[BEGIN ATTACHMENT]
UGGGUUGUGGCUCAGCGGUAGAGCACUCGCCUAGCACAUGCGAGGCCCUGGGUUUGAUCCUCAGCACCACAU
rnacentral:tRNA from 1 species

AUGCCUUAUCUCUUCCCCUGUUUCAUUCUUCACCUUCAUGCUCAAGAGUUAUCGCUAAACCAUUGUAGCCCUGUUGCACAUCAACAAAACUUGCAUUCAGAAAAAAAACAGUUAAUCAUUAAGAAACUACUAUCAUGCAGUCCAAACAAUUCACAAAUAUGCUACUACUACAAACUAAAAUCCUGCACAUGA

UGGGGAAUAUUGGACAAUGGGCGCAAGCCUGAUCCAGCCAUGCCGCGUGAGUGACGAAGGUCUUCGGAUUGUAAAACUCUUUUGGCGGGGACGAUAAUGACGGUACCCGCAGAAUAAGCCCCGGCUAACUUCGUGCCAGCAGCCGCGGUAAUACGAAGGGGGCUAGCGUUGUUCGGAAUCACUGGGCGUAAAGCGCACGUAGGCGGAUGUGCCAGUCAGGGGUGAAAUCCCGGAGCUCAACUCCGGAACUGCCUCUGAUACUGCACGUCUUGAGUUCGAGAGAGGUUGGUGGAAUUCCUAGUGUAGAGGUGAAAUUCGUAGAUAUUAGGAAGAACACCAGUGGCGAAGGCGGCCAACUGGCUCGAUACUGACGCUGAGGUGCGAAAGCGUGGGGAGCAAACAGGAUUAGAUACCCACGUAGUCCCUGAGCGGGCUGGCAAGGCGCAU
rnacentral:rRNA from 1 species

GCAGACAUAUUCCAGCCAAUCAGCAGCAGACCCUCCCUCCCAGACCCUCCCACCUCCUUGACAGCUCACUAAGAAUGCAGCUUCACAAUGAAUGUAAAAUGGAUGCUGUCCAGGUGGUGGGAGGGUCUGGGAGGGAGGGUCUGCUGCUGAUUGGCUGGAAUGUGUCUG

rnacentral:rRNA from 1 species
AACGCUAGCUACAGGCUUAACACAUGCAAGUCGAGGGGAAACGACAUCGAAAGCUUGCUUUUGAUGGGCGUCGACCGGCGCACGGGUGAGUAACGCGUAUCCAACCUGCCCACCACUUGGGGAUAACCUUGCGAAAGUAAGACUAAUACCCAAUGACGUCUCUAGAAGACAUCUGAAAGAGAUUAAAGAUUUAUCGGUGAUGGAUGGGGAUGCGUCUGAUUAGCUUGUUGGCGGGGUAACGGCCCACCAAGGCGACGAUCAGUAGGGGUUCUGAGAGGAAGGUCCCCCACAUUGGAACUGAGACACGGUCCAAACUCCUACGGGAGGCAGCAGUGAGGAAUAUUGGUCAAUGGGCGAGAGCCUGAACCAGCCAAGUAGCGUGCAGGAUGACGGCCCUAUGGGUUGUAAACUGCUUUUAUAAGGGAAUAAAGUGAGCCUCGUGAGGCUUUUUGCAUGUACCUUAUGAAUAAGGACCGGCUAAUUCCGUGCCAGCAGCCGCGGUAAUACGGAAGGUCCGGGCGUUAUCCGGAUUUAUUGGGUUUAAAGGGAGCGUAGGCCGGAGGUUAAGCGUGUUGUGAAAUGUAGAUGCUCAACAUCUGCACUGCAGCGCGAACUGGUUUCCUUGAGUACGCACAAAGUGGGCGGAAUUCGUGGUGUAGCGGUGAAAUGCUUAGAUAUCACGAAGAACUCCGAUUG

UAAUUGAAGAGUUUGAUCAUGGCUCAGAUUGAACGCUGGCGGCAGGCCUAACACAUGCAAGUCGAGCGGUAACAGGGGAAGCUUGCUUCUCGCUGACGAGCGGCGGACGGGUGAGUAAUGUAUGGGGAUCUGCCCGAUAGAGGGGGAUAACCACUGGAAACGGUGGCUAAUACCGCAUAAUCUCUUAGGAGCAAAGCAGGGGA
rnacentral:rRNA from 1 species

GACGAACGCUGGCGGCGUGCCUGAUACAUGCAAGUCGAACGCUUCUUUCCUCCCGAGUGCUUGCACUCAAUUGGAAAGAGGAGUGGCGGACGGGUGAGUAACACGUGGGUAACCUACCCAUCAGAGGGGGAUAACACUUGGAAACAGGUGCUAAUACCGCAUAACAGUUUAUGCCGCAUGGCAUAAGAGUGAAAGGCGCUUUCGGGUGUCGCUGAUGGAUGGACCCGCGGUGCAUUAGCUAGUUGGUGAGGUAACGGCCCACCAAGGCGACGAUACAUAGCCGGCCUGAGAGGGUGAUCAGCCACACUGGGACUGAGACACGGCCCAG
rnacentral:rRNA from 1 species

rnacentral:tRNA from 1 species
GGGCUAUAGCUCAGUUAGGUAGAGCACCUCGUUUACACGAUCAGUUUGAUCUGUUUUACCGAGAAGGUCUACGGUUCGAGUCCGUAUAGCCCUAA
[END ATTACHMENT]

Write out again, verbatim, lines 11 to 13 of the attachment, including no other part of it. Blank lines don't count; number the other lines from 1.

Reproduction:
GACGAACGCUGGCGGCGUGCCUGAUACAUGCAAGUCGAACGCUUCUUUCCUCCCGAGUGCUUGCACUCAAUUGGAAAGAGGAGUGGCGGACGGGUGAGUAACACGUGGGUAACCUACCCAUCAGAGGGGGAUAACACUUGGAAACAGGUGCUAAUACCGCAUAACAGUUUAUGCCGCAUGGCAUAAGAGUGAAAGGCGCUUUCGGGUGUCGCUGAUGGAUGGACCCGCGGUGCAUUAGCUAGUUGGUGAGGUAACGGCCCACCAAGGCGACGAUACAUAGCCGGCCUGAGAGGGUGAUCAGCCACACUGGGACUGAGACACGGCCCAG
rnacentral:rRNA from 1 species

rnacentral:tRNA from 1 species